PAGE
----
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Students sharpen minds
Team earns spot in Odyssey of the Mind world competition


By Marietta Homayonpour and Eileen FitzGerald Staff Writers

BETHEL -- Balsa wood, glue and golf balls combined to test the ingenuity, creativity and cooperative skills of seven Johnson School students during a recent competition.

"I learned that it takes a lot of effort to get one small thing done when you have to share the responsibility," Marika Gutzman, a fourth grader at Johnson School said about a project she and six other girls voluntarily undertook as part of the international program Odyssey of the Mind.

In the Balsa Wood Tee Structure problem, the fourth- and fifth-grade girls built a lightweight platform that managed to hold 102 pounds on a board that was on top of golf balls.

Building a structure that could hold so much weight earned the girls first place in their division at the state competition last month.

The victory guarantees the team a spot at the world Odyssey of the Mind competition set for the end of May at the University of Maryland.

At a special assembly at Johnson School Friday, team members recreated their project for the entire school. They were enthusiastically applauded even though they had to use a backup structure that wasn't as strong as their original and collapsed under less weight than their winning model.

Johnson School principal Cathy Gombos brought on stage the students who formed four other teams that took part in Odyssey of the Mind and praised their hard work and sharp minds. Judges give all teams in competition a spontaneous problem to solve, such as creating something out of a pencil and pipe cleaner.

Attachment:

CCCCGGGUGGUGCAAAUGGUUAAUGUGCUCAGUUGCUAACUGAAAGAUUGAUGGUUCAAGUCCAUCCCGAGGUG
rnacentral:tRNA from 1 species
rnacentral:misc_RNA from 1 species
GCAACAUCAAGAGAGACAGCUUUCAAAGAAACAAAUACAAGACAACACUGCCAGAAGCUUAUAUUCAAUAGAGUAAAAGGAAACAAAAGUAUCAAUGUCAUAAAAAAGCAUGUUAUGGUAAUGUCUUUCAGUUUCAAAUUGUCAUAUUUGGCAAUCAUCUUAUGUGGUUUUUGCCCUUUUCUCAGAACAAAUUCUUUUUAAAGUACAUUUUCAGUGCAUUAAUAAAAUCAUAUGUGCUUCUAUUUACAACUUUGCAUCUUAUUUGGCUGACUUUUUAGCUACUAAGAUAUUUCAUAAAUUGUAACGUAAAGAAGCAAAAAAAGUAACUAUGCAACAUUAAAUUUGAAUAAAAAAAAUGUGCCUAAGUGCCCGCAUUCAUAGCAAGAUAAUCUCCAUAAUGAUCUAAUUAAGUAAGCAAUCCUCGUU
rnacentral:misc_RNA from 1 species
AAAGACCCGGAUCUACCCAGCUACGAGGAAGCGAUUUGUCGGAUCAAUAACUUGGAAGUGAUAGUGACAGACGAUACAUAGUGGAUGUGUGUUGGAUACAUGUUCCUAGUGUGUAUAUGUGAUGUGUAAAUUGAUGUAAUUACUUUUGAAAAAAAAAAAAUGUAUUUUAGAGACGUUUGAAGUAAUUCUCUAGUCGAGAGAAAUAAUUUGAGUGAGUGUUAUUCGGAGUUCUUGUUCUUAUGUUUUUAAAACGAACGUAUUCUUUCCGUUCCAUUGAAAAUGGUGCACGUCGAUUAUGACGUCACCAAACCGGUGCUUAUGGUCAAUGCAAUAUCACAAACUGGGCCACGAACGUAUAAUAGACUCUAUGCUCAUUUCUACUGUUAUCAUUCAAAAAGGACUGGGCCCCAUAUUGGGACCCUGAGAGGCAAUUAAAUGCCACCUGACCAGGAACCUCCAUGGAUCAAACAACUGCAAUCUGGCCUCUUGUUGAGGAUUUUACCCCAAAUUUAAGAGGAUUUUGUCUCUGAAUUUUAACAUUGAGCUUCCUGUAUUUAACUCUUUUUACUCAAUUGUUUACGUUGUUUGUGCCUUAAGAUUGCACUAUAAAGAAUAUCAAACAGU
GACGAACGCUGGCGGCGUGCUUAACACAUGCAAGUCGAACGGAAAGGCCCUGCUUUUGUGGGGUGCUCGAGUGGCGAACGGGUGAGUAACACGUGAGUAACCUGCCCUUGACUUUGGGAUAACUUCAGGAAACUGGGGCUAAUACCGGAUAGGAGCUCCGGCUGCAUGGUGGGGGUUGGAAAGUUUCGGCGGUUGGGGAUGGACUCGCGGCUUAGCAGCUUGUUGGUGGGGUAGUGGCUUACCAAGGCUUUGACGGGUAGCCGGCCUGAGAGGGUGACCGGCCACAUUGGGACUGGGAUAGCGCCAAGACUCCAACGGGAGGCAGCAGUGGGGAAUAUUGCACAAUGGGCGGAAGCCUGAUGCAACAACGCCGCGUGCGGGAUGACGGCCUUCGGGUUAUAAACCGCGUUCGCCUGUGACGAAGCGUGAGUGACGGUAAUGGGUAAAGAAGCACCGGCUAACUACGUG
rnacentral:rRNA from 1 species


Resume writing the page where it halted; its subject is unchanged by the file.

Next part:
"You have to be a really quick thinker to be in this competition," Gombos said.

Odyssey of the Mind competition allows students from kindergarten through college to apply their creativity to solving problems ranging from building mechanical devices to presenting their own interpretation of literary classics.

Teams work on problems for months with an adult mentor and then bring their solutions to compete on the local, state, and world level.

The interaction with new people at the competitions is appealing to 10-year-old Paris Wyard of the Johnson School's balsa wood team.

"It's fun to go to the competition, to get to meet different people," she said.

The girls on the team were looking forward to the world competition so they could trade the pins they collect -- symbolizing the different projects -- with pins from students from other states and countries.

Teams from several other schools in the Greater Danbury area also placed in top categories and can attend the world challenge.

A team from Whisconier Middle School in Brookfield excelled in the Odyssey Road Rally in which members designed, built and operated an original vehicle that enters a road rally.

Not all Odyssey of the Mind projects involve construction.

In The Eccentrics! problem, where schools from Newtown, Redding and New Fairfield excelled, teams created and presented a humorous performance about three eccentric characters who demonstrate odd behavior, peculiar mannerisms, and unconventional dress.

But 10-year-old Olivia Wootton, of the Johnson School balsa wood team, enjoyed her project because she could build a structure.

"I liked doing it because you actually get to make something," she explained. It's very hands-on."


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